Dr Jules Randerson-Moore shows genetic data as a 'heat map'.

We’re in the second week of our partnership with Absolute Radio and Magic to share the stories of those living with cancer or researching the disease right now. Garry, a radio producer, is travelling the country for us, and he will be sharing what he finds in a weekly blog diary. Read about his visits to Leeds, Belfast, Portsmouth, Chorley and Birmingham.



It was fascinating last week to begin investigating how fundraising, education and research are all interlinked at Cancer Research UK. And this week I was looking forward to discovering even more.

I travelled to Leeds to speak to Dr Jules Randerson-Moore, who is researching how genes differ between melanoma patients, and how this can help to identify if patients do better or worse with different treatments. Moore told me how this could be a “game changer”, not just in melanoma, but in other types of cancer too.

There was a lot of difficult science in what she was discussing, but she was really great at bringing out elements that I could grasp. So when she talked about how she analyses data, she showed me some of the ‘heat maps’ that they use to try and work out which genes might be causing which behaviours among the cancer cells.

Moore explained that it was a bit of a puzzle.

“It’s all about can we see the patterns in the data,” she told me.

“It is exactly like a treasure hunt, it’s like looking for that four leafed clover – you’re looking at something where everything seems the same, except that one thing, that you’re waiting to just pop out at you.”

As I left Moore’s lab, I felt I had a real sense of the challenge facing researchers. It’s a constant search for a needle in a haystack for them, but the benefits of that search are worth it for the patients when they come to fruition.

Listen to Dr Jules Randerson-Moore discussing her work:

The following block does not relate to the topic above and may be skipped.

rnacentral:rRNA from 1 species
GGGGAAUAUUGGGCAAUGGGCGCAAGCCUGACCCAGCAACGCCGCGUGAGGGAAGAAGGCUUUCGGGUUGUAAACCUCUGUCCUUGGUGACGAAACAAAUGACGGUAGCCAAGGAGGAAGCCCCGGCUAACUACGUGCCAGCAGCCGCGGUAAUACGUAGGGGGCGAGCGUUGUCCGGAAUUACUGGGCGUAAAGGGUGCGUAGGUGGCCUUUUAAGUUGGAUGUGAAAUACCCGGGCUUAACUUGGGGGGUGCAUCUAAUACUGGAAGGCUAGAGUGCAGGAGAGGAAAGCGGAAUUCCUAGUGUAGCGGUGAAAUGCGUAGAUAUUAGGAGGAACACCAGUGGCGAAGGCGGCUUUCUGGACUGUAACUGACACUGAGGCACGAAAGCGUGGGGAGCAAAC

Next I was in Belfast, meeting Dr Aideen Campbell – a researcher with a very different background.

She has taken time out from surgical training to carry out a clinical fellowship with Cancer Research UK working on clinical trials.

Their team is looking at a specific type of breast cancer caused by faults in the BRCA1 gene.

Certain women who are carriers can choose to have risk-reducing mastectomies, and the team is investigating other options for these women too.

For Campbell, working in clinical research was a massively different challenge to surgery, and was proving hugely rewarding.

She said she wanted to learn more about the science behind the research, and so contribute more in the future with recruiting patients into trials and being able to contribute to the design of those trials.

Meeting patients involved in clinical trials has also helped her understand what it means to them to take part in research.

“Our research is changing lives and changing futures,” she told me.

“It’s really important that patients are involved, because when you’re sitting in your white coat in the lab, it’s quite easy to forget that the end product is treatment for a patient.”

Listen to Dr Aideen Campbell talking about her work:

In Fareham, near Portsmouth, I met Jayne who’s running the organising committee for Relay for Life. It’s a fundraising event that’s celebrating its 20th year next weekend, and sees teams of family and friends staying on the track for 24 hours.


Jayne and her fundraising team.

She was drawn to fundraising for Cancer Research UK after her mum was diagnosed with cancer and had a poor prognosis.

Thanks to the treatment she received, Jayne’s mum has been given the all clear. And Jayne said she was keen to “give something back, because without Cancer Research UK, without fundraisers, I honestly don’t believe my mum would be here today”.